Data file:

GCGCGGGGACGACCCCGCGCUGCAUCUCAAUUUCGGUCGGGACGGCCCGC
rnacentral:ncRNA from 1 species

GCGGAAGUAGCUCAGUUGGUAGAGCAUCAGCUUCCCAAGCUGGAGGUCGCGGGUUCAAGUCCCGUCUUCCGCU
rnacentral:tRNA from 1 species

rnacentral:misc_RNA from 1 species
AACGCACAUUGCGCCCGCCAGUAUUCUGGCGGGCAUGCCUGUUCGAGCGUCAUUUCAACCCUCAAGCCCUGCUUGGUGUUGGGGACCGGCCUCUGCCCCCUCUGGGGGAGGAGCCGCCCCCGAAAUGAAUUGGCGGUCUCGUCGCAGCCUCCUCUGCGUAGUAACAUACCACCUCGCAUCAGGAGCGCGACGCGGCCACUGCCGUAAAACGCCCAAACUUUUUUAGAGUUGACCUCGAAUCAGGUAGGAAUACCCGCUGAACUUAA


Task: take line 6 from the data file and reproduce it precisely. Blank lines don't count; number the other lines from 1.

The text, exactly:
AACGCACAUUGCGCCCGCCAGUAUUCUGGCGGGCAUGCCUGUUCGAGCGUCAUUUCAACCCUCAAGCCCUGCUUGGUGUUGGGGACCGGCCUCUGCCCCCUCUGGGGGAGGAGCCGCCCCCGAAAUGAAUUGGCGGUCUCGUCGCAGCCUCCUCUGCGUAGUAACAUACCACCUCGCAUCAGGAGCGCGACGCGGCCACUGCCGUAAAACGCCCAAACUUUUUUAGAGUUGACCUCGAAUCAGGUAGGAAUACCCGCUGAACUUAA